The 2017 New CEO Report
Feigen Advisors is pleased to release the fourth edition of our New CEO Report, profiling the 30 new Chief Executives who took the helm of S&P 250 companies in 2017.
The report features contributing articles on "Advice to the New CEO" from prominent leaders: we asked Martin Lipton, the Founding Partner of Wachtell, Lipton, Rosen & Katz and widely regarded as the ‘Dean’ of American Corporate Governance; Helene Gayle, the President & CEO of The Chicago Community Trust and retired Rear Admiral and Assistant Surgeon General; Christopher Swift, the Chairman and CEO of The Hartford, a 208-year-old insurance leader that once insured Abraham Lincoln; Clayton Christensen, the Kim B. Clark Professor of Business Administration at Harvard Business School and our leading thinker on Disruption; and Patrick Viguerie, the Global Managing Partner of Innosight to provide their advice to the New CEO Class of 2017.
The New CEO Report also analyzes data on the Class of 2017 and from four years of CEO transitions, highlighting illuminating trends from 111 New S&P 250 CEOs since 2014.
Key Findings from the 2017 New CEO Report
30 New CEOs in 2017, 111 New CEOs over the past Four years
2017 welcomed 30 new CEOs in the S&P 250. This compares to 23 new CEOs in 2016, and 29 new CEOs in both 2015 and in 2014. On average, roughly 11% of the S&P 250 promoted a new CEO each year.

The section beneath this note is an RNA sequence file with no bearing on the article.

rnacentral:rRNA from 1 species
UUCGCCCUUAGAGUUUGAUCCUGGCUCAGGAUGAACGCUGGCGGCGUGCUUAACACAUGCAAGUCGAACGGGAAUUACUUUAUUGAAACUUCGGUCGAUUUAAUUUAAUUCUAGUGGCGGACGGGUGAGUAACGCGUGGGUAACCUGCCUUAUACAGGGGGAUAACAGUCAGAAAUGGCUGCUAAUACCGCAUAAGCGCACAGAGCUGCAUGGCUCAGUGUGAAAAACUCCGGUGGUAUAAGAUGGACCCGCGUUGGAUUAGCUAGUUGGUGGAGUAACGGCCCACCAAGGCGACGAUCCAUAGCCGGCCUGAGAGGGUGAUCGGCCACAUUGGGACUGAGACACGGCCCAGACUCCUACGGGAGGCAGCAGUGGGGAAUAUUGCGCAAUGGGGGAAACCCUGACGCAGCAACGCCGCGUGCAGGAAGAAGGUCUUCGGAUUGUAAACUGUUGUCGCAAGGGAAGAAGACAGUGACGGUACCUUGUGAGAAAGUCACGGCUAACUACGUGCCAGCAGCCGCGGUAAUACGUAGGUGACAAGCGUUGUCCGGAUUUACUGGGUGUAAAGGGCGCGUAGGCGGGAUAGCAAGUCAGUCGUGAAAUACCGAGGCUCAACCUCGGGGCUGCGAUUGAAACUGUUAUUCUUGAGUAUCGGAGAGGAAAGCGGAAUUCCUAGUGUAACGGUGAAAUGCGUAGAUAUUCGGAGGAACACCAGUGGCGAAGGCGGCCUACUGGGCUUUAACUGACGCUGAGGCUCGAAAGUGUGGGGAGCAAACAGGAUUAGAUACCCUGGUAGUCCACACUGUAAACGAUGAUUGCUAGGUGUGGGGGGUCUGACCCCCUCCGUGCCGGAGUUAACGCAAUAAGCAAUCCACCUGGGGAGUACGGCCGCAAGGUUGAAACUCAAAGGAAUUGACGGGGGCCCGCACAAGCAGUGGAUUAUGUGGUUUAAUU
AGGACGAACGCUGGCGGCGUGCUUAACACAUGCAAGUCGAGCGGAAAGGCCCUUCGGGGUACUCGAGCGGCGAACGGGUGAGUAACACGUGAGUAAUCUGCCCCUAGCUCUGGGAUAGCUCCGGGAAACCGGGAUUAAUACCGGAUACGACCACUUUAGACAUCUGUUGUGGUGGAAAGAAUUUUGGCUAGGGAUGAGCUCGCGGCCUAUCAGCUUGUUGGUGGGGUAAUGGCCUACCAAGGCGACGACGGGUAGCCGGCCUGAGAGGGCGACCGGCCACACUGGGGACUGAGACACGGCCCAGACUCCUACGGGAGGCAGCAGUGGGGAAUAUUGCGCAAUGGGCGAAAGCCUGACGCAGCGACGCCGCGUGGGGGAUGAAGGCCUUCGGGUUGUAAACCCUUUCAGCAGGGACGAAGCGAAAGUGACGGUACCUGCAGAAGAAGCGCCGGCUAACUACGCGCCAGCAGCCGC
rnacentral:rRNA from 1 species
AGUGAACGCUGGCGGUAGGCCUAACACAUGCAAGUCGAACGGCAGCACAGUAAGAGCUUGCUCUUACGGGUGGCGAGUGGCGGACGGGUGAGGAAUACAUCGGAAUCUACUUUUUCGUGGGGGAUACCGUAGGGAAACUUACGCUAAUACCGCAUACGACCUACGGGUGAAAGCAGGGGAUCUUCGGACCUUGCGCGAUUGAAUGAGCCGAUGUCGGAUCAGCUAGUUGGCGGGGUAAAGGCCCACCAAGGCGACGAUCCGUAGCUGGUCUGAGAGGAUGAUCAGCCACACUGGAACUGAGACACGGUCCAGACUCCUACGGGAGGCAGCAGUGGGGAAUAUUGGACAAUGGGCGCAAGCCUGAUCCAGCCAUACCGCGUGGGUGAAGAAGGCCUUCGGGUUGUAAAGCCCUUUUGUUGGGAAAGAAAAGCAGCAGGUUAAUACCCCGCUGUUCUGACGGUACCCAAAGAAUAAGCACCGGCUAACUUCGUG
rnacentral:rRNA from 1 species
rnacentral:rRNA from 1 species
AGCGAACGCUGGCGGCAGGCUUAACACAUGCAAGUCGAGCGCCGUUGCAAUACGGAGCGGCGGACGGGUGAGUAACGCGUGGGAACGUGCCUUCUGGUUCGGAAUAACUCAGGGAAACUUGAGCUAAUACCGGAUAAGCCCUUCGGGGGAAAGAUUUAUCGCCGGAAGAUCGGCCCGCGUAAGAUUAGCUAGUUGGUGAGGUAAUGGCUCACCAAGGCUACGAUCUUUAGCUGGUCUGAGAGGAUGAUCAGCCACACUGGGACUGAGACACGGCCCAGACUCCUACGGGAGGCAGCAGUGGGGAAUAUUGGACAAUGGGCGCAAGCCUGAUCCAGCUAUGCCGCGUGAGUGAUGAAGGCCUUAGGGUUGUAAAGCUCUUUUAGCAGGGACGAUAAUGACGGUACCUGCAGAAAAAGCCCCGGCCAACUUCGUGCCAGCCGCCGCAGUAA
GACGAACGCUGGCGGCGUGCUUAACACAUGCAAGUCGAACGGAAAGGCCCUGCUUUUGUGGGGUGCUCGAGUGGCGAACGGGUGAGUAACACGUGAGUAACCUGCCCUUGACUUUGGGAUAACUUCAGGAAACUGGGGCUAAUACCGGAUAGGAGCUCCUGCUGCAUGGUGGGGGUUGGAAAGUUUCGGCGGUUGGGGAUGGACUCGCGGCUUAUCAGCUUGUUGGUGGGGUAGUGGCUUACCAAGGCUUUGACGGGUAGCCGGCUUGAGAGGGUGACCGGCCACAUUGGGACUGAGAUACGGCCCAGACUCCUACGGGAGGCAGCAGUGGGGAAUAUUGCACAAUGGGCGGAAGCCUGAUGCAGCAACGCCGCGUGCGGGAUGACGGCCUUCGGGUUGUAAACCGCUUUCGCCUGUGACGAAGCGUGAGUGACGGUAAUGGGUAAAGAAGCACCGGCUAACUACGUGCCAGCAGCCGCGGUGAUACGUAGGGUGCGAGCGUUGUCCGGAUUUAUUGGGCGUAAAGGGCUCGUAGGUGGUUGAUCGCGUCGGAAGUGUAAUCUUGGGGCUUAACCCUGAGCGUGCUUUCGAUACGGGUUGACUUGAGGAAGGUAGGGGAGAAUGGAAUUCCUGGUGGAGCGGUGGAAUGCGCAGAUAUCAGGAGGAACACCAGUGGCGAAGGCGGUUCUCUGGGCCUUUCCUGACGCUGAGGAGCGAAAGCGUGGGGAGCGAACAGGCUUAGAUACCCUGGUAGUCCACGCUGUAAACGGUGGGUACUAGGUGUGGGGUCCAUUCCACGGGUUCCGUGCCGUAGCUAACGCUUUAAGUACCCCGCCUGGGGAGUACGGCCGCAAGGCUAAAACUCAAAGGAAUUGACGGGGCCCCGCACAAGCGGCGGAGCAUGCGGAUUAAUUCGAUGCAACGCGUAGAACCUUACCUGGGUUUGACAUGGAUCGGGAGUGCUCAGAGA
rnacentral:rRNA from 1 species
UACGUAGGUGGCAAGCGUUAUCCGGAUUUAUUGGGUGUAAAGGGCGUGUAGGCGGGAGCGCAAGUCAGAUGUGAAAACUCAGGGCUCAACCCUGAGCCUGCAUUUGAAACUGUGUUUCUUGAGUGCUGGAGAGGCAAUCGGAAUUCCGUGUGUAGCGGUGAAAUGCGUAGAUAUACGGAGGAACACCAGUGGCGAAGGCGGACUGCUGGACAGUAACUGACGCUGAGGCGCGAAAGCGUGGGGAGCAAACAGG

CEO Tenure is longer than Presumed
The average tenure of a retiring S&P 250 CEO is nine years, contrary to the commonly-held view that CEO turnover is high. At the top of the S&P 250, stability reigns.
Few Were Named Chairman on Day one
Only 9 out of 111 new CEOs were Chairman at the time they became CEO.
83% Were promoted internally
Over the last four years, 8 out of 10 companies appointed their new leader from within their own ranks, a sign of health and stability. New CEOs spent nearly 19 years at their companies on average prior to promotion and have deep expertise and understanding of every aspect of their business, including strategy, operations, capital management, and people.
There are too few women
Although women make up nearly 27% of Senior Management, only eight women became CEO of S&P 250 companies in the last four years. To put this in perspective, eight New CEOs during this same time period were veterans of PepsiCo. That is, one company’s ability to develop the next generation of CEOs surpassed that of the entire S&P 250’s combined ability to promote women into the Chief Executive role (at least for the period we tracked).